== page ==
Company Freak also offers a spirited tribute in the form of  “Andre Leon Talley,” about the famous Vogue fashion editor. “I wanted to write a song that would be a new kind of pride anthem,” King says. “I was really inspired by songs from the past like “I’m Coming Out” by Diana Ross and “I Was Born This Way” by Carl Bean that came out in ’77, and so many other songs of the disco era that were these anthems of liberation. And also Andre Leon Talley is one of those figures who doesn’t get enough critical attention. He is one of the most important African-American figures in fashion. He’s not only incredibly talented but also he’s somebody who to me seems to be somebody who never ever had be to somebody else. He’s been himself 100 percent authentically all the time, which is over the top, flamboyant, and fun.”

Company Freak (Project Publicity)

Jason King of Company Freak Photo: Project Publicity

Le Disco Social is the beginning for Company Freak as far as its musical offerings–King is currently working on the group’s  full-length debut record that is due out sometime later in the year. It will contain tracks from the EP as well as new material, including music he recorded in Turkey and Nigeria. “[It’s] really fascinating stuff working with some of Fela [Kuti’s] musicians in creating a very hybrid sound that recall the sound of West African disco of the 1970s, a genre which not a lot of people know about, but I’m gonna try to rekindle.”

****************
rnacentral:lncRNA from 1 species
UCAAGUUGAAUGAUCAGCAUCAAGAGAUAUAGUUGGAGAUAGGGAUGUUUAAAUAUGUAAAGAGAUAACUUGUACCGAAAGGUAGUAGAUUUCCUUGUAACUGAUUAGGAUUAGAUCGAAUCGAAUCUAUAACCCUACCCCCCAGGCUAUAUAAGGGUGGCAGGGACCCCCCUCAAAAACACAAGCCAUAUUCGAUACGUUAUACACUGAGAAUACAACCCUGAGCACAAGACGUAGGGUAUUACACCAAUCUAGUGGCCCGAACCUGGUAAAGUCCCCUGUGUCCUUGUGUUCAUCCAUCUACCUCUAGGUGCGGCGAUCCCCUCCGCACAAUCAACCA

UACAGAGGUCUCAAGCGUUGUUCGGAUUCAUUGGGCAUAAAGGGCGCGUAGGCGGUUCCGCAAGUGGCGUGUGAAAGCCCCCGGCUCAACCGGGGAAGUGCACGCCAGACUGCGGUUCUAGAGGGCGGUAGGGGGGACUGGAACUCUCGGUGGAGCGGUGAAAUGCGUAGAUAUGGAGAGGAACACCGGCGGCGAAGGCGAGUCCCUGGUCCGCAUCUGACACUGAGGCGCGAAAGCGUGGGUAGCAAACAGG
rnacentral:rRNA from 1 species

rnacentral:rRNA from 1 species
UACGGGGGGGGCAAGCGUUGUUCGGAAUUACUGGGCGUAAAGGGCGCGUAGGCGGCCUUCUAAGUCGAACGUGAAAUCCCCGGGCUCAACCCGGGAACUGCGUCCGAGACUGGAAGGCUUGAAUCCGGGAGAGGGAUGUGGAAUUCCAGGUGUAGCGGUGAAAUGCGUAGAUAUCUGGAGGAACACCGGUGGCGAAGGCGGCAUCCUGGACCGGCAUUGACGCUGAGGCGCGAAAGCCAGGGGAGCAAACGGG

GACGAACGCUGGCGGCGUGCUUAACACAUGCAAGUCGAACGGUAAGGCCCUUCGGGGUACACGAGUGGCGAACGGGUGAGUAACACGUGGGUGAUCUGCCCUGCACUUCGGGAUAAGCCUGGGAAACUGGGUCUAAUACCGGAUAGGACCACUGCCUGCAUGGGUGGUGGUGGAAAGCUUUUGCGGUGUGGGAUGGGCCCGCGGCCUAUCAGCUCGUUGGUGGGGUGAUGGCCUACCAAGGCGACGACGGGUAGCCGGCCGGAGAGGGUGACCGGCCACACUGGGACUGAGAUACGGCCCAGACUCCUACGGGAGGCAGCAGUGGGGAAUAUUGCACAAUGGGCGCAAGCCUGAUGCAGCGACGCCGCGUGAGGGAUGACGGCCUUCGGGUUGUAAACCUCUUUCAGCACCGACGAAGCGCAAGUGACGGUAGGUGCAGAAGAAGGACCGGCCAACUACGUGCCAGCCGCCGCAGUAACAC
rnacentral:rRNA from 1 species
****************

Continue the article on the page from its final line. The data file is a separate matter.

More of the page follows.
Disco may have seemed dead after the backlash it suffered at the dawn of the ’80s, but over the years, the genre has experienced a critical reappraisal and cultural resurgence, especially through current the popularity of Daft Punk and the revival of interest in the music of Chic co-mastermind and guitarist Nile Rodgers. And now Company Freak is carrying the torch for the genre by recreating the spirit of the old sounds while forging ahead with new ones.

“Disco was the soundtrack to many liberation movements,” King says, “certainly the gay liberation movement. It was on the heels of the post civil rights African American movement, the women’s movement and others. It was a very multicultural music, meaning many many people were included in it, this kind of fusion of black and Latino working class cultures. It’s also very sophisticated music in terms of the arrangements: the use of orchestra and the strings, the playing itself on some of the best disco records is so high level. Ultimately I want to make people dance. I want to make people feel good, have a great time and hopefully think in the process. At the end of the day, it’s feeling music–music to make you feel.”

Company Freak’s EP, Le Disco Social, is out now.